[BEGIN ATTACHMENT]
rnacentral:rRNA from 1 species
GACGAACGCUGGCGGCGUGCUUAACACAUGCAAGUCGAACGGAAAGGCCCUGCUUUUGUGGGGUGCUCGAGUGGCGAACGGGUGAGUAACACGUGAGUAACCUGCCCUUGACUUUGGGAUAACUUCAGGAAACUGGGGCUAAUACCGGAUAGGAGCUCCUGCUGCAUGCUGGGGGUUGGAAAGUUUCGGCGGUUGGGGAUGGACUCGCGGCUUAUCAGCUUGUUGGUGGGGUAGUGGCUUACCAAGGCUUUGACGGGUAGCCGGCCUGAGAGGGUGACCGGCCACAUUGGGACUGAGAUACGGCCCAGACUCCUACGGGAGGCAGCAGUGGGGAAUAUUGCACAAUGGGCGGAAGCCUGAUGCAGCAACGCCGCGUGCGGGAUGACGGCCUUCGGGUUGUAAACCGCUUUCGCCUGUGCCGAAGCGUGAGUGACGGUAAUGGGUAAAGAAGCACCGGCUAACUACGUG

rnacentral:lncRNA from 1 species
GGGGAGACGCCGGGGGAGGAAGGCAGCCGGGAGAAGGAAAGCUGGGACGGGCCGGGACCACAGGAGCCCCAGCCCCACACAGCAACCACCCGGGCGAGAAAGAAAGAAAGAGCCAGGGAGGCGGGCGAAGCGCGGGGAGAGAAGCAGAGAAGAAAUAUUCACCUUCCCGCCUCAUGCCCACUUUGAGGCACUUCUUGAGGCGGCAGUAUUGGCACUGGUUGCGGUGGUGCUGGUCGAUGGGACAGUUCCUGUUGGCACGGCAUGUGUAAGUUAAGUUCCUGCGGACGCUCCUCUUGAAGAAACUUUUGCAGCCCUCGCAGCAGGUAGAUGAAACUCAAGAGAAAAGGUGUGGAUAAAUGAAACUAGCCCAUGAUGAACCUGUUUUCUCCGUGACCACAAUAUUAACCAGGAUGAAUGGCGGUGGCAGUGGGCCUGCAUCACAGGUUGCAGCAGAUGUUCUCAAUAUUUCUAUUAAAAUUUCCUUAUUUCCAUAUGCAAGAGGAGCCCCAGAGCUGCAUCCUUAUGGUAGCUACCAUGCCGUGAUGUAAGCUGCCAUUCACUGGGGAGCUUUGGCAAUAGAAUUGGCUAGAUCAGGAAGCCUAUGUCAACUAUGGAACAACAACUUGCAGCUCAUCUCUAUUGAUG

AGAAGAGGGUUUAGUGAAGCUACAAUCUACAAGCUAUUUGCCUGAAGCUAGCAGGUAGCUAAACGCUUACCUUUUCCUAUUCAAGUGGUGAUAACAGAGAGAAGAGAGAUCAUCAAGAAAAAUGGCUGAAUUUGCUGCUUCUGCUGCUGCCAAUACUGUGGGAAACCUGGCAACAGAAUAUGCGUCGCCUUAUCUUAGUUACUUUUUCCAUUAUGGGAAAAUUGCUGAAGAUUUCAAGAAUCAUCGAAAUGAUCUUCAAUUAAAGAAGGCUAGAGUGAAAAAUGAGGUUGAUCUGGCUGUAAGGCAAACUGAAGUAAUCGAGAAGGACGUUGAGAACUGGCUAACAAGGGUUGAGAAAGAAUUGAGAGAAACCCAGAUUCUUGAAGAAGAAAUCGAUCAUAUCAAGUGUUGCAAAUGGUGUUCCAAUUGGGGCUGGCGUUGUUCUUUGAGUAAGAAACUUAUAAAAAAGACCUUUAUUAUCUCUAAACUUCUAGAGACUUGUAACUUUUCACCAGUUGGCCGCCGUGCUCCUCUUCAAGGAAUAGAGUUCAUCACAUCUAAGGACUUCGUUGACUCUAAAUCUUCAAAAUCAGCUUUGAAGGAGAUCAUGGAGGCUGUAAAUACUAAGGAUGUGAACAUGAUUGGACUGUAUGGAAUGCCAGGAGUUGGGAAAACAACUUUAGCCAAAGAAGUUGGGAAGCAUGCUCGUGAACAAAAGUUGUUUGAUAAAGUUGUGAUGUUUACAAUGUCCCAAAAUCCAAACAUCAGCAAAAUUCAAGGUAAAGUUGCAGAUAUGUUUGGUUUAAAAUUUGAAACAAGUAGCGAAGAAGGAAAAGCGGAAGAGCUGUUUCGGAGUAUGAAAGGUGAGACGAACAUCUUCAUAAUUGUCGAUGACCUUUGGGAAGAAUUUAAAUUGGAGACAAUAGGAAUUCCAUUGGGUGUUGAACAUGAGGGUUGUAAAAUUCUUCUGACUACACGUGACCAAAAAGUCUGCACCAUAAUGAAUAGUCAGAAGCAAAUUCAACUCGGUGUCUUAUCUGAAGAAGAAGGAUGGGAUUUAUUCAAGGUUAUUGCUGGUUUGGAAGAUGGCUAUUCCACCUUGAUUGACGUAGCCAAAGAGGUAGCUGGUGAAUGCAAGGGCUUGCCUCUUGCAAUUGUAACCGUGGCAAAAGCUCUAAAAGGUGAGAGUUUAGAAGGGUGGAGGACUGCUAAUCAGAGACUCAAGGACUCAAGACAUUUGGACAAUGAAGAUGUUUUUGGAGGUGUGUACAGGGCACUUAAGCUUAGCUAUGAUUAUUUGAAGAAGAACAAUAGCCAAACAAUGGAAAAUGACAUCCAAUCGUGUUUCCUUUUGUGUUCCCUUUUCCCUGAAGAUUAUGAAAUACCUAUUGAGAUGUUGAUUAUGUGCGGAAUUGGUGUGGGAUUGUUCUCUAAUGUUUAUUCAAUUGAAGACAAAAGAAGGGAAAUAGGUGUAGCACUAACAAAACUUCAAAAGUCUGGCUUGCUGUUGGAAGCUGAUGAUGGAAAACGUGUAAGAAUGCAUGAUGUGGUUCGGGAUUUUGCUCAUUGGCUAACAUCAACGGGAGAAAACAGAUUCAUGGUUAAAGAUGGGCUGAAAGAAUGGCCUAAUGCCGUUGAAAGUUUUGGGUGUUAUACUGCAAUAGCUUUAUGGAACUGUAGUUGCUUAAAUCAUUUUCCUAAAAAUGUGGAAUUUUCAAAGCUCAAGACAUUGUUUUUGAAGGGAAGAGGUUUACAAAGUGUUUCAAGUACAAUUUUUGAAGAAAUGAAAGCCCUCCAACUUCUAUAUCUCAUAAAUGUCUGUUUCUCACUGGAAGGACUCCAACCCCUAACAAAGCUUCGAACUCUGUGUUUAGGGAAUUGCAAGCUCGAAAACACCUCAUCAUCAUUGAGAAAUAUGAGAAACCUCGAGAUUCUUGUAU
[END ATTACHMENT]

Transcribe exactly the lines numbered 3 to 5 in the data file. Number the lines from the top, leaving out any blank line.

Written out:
rnacentral:lncRNA from 1 species
GGGGAGACGCCGGGGGAGGAAGGCAGCCGGGAGAAGGAAAGCUGGGACGGGCCGGGACCACAGGAGCCCCAGCCCCACACAGCAACCACCCGGGCGAGAAAGAAAGAAAGAGCCAGGGAGGCGGGCGAAGCGCGGGGAGAGAAGCAGAGAAGAAAUAUUCACCUUCCCGCCUCAUGCCCACUUUGAGGCACUUCUUGAGGCGGCAGUAUUGGCACUGGUUGCGGUGGUGCUGGUCGAUGGGACAGUUCCUGUUGGCACGGCAUGUGUAAGUUAAGUUCCUGCGGACGCUCCUCUUGAAGAAACUUUUGCAGCCCUCGCAGCAGGUAGAUGAAACUCAAGAGAAAAGGUGUGGAUAAAUGAAACUAGCCCAUGAUGAACCUGUUUUCUCCGUGACCACAAUAUUAACCAGGAUGAAUGGCGGUGGCAGUGGGCCUGCAUCACAGGUUGCAGCAGAUGUUCUCAAUAUUUCUAUUAAAAUUUCCUUAUUUCCAUAUGCAAGAGGAGCCCCAGAGCUGCAUCCUUAUGGUAGCUACCAUGCCGUGAUGUAAGCUGCCAUUCACUGGGGAGCUUUGGCAAUAGAAUUGGCUAGAUCAGGAAGCCUAUGUCAACUAUGGAACAACAACUUGCAGCUCAUCUCUAUUGAUG

AGAAGAGGGUUUAGUGAAGCUACAAUCUACAAGCUAUUUGCCUGAAGCUAGCAGGUAGCUAAACGCUUACCUUUUCCUAUUCAAGUGGUGAUAACAGAGAGAAGAGAGAUCAUCAAGAAAAAUGGCUGAAUUUGCUGCUUCUGCUGCUGCCAAUACUGUGGGAAACCUGGCAACAGAAUAUGCGUCGCCUUAUCUUAGUUACUUUUUCCAUUAUGGGAAAAUUGCUGAAGAUUUCAAGAAUCAUCGAAAUGAUCUUCAAUUAAAGAAGGCUAGAGUGAAAAAUGAGGUUGAUCUGGCUGUAAGGCAAACUGAAGUAAUCGAGAAGGACGUUGAGAACUGGCUAACAAGGGUUGAGAAAGAAUUGAGAGAAACCCAGAUUCUUGAAGAAGAAAUCGAUCAUAUCAAGUGUUGCAAAUGGUGUUCCAAUUGGGGCUGGCGUUGUUCUUUGAGUAAGAAACUUAUAAAAAAGACCUUUAUUAUCUCUAAACUUCUAGAGACUUGUAACUUUUCACCAGUUGGCCGCCGUGCUCCUCUUCAAGGAAUAGAGUUCAUCACAUCUAAGGACUUCGUUGACUCUAAAUCUUCAAAAUCAGCUUUGAAGGAGAUCAUGGAGGCUGUAAAUACUAAGGAUGUGAACAUGAUUGGACUGUAUGGAAUGCCAGGAGUUGGGAAAACAACUUUAGCCAAAGAAGUUGGGAAGCAUGCUCGUGAACAAAAGUUGUUUGAUAAAGUUGUGAUGUUUACAAUGUCCCAAAAUCCAAACAUCAGCAAAAUUCAAGGUAAAGUUGCAGAUAUGUUUGGUUUAAAAUUUGAAACAAGUAGCGAAGAAGGAAAAGCGGAAGAGCUGUUUCGGAGUAUGAAAGGUGAGACGAACAUCUUCAUAAUUGUCGAUGACCUUUGGGAAGAAUUUAAAUUGGAGACAAUAGGAAUUCCAUUGGGUGUUGAACAUGAGGGUUGUAAAAUUCUUCUGACUACACGUGACCAAAAAGUCUGCACCAUAAUGAAUAGUCAGAAGCAAAUUCAACUCGGUGUCUUAUCUGAAGAAGAAGGAUGGGAUUUAUUCAAGGUUAUUGCUGGUUUGGAAGAUGGCUAUUCCACCUUGAUUGACGUAGCCAAAGAGGUAGCUGGUGAAUGCAAGGGCUUGCCUCUUGCAAUUGUAACCGUGGCAAAAGCUCUAAAAGGUGAGAGUUUAGAAGGGUGGAGGACUGCUAAUCAGAGACUCAAGGACUCAAGACAUUUGGACAAUGAAGAUGUUUUUGGAGGUGUGUACAGGGCACUUAAGCUUAGCUAUGAUUAUUUGAAGAAGAACAAUAGCCAAACAAUGGAAAAUGACAUCCAAUCGUGUUUCCUUUUGUGUUCCCUUUUCCCUGAAGAUUAUGAAAUACCUAUUGAGAUGUUGAUUAUGUGCGGAAUUGGUGUGGGAUUGUUCUCUAAUGUUUAUUCAAUUGAAGACAAAAGAAGGGAAAUAGGUGUAGCACUAACAAAACUUCAAAAGUCUGGCUUGCUGUUGGAAGCUGAUGAUGGAAAACGUGUAAGAAUGCAUGAUGUGGUUCGGGAUUUUGCUCAUUGGCUAACAUCAACGGGAGAAAACAGAUUCAUGGUUAAAGAUGGGCUGAAAGAAUGGCCUAAUGCCGUUGAAAGUUUUGGGUGUUAUACUGCAAUAGCUUUAUGGAACUGUAGUUGCUUAAAUCAUUUUCCUAAAAAUGUGGAAUUUUCAAAGCUCAAGACAUUGUUUUUGAAGGGAAGAGGUUUACAAAGUGUUUCAAGUACAAUUUUUGAAGAAAUGAAAGCCCUCCAACUUCUAUAUCUCAUAAAUGUCUGUUUCUCACUGGAAGGACUCCAACCCCUAACAAAGCUUCGAACUCUGUGUUUAGGGAAUUGCAAGCUCGAAAACACCUCAUCAUCAUUGAGAAAUAUGAGAAACCUCGAGAUUCUUGUAU